Electric Motorbike Company Aborts Mission

San Francisco based electric motorbike startup, Mission Motors, has filed for bankruptcy following short lived success in the competitive electric car industry. The company has been developing electric motorbikes since 2007, with their most successful prototype able to accelerate from 0 to 60 mph in just 3 seconds.

Despite their relatively established age in the industry, Mission Motors, originally named Hum Motors, never released any motorbikes to the market.

Mark Seeger, the company’s CEO also filed for bankruptcy in October this year, with many suggesting that Apple’s rumoured entry into the electric car industry has lead to the downfall of smaller competitors like Mission Motors.

Mission Motors’ former Chief Executive Derek Kaufman confirmed that the company’s failure was largely to do with Apple’s power in the market, with claims that the technology giant courted their drive train engineers to join their electric car development team.

“Mission had a great group of engineers, specifically electric drive expertise… Apple knew that – they wanted it, and they went and got it” said Kaufman.

Following the loss of a number of valuable employees, Mission Motors lost funding a quickly ran out of money to continue operation.

A total of 3 employees left Mission Motors for positions at Apple between 2011 and 2014, as well as a number of other employees abandoning ship for positions at Harley Davidson and Google.

In addition to large companies poaching their staff members, further cracks began to show in the management of Mission Motors after two of the company’s founders, Vincent Ip and Mark Seeger, sued eachother over ownership rights and shares in the company.

Additionally, Mr. Ip was expelled from the company after reports of threats of the violence and improper behaviour.

Following the numerous hardships faced by Mission Motors, it can be said that financial failure was a likely outcome for the once highly successful company.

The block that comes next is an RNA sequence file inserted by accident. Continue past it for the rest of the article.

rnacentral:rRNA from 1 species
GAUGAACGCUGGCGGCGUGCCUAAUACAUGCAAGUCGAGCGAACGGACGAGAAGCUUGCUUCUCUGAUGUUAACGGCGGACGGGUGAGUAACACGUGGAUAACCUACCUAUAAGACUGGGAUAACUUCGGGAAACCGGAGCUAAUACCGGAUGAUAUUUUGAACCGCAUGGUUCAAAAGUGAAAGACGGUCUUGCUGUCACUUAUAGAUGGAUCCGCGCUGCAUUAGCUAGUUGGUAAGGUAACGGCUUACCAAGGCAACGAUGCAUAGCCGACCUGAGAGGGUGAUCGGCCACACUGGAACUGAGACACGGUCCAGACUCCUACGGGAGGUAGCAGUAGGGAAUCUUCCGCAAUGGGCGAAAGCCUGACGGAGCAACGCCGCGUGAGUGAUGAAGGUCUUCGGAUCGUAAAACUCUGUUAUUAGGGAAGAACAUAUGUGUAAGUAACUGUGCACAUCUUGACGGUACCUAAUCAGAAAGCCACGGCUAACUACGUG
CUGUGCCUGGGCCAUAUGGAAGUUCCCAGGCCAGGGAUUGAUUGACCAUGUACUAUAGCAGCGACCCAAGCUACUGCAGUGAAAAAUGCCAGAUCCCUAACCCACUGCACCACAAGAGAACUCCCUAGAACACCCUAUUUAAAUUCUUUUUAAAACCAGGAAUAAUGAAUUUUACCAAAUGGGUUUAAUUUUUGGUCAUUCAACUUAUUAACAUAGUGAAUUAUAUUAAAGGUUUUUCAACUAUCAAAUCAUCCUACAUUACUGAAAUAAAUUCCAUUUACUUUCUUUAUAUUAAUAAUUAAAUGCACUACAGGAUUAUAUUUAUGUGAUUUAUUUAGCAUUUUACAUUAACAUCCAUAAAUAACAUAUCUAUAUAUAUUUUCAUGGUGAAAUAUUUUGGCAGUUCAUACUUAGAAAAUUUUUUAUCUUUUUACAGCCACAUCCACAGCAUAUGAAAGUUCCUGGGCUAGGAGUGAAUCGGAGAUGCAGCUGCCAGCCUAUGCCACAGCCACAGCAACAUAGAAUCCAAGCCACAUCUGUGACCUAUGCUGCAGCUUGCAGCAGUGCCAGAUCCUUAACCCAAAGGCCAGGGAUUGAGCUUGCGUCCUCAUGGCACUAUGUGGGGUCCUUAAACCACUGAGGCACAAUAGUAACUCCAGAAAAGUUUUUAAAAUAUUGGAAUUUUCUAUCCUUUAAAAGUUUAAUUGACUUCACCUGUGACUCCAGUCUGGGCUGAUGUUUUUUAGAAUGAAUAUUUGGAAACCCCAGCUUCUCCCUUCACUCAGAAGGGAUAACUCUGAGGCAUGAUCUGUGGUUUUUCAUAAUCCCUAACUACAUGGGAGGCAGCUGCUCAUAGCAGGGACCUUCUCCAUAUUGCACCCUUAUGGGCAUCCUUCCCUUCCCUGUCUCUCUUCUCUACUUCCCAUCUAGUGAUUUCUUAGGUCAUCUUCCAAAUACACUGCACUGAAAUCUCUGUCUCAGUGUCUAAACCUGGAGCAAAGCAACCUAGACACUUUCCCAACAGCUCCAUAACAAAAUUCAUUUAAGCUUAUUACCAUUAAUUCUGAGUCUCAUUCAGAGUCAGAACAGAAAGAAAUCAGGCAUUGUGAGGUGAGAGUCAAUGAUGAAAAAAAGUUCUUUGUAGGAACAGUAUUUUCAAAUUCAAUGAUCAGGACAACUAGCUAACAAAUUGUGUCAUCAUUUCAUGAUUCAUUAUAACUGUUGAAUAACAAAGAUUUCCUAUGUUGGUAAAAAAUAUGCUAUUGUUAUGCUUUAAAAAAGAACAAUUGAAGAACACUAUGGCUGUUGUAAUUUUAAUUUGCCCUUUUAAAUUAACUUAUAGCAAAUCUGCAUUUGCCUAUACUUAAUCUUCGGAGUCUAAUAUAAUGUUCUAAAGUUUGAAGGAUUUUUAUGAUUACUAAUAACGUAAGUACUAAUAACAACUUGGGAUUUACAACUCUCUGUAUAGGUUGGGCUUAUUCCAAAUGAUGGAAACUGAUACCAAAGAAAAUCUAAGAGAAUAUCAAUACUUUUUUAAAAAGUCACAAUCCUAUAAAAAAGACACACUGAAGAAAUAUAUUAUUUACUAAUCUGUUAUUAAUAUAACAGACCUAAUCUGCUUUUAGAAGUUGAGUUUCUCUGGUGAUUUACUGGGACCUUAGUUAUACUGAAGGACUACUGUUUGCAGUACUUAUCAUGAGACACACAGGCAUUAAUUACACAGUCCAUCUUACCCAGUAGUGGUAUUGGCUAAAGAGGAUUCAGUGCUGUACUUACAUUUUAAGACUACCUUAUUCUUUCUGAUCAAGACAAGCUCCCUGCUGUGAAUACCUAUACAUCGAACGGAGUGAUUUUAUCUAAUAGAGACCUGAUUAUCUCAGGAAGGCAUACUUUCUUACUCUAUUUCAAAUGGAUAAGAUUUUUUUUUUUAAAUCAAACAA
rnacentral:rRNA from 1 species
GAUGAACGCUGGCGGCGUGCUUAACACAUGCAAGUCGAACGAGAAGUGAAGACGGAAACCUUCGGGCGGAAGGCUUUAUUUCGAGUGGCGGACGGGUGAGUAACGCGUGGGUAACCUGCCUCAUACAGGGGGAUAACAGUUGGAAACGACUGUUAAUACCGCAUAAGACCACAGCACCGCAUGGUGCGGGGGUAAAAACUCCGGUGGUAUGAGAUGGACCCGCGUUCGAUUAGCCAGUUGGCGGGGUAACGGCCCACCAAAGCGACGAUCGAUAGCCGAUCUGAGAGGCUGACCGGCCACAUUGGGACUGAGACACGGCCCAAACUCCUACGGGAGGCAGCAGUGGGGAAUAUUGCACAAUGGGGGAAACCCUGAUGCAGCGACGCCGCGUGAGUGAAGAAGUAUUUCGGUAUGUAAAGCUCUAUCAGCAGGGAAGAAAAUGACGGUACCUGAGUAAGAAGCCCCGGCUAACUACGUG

Mission Motors’ bankruptcy comes as a sad end to the company’s long held positive reputation for innovation and world records in laps for an electric motorbike at the Laguna Seca Raceway.

Despite their initial success the company struggled to meet the standards of a low electric car cost in the industry with their vehicle prices projected at around $33,000 and $77,000.

As a result Mission Motors’ motorbikes never reached the commercial stage, in turn failing to reach profit targets.

The Cut Throat World of Electric Vehicles

Despite the ongoing controversy surrounding Apple’s presence in the electric car industry, the technology giant has never officially confirmed that is it developing an EV.

Rumours coming from Apple’s employees and other sources, however, has suggested that the company is currently working to produce the next cheapest electric car to rival Tesla’s electric vehicles.

In true Apple style, the company has been recruiting not only Mission Motors staff, but also experts from their main rival Tesla.

Information has emerged that Apple has expressed particular interest in mechanics, engineers and specialists in robotics, further confirming their rumoured development of electric vehicles.

The release of an Apple electric vehicle is hope by many to reduce the electric car cost which remains quite high for current models on the market.

What Does the Electric Car Revolution Mean for Australia?

Many are raising questions as to what effect recent global developments will have on electric cars in Australia.

Despite increasing international buzz, electric car growth in Australia remains extremely slow in comparison to many European countries as well as the US.

In the first half of this year, care retailers saw very poor sales figures across Australia, with Mitsubishi selling no EVs at all, Holden selling just seven and Nissan selling 49.

The reason for the low adoption rates of electric cars in Australia is reported to be a combination of price points and lack of consumer knowledge and familiarity with the the new technology.


Photo courtesy of MissionMotors

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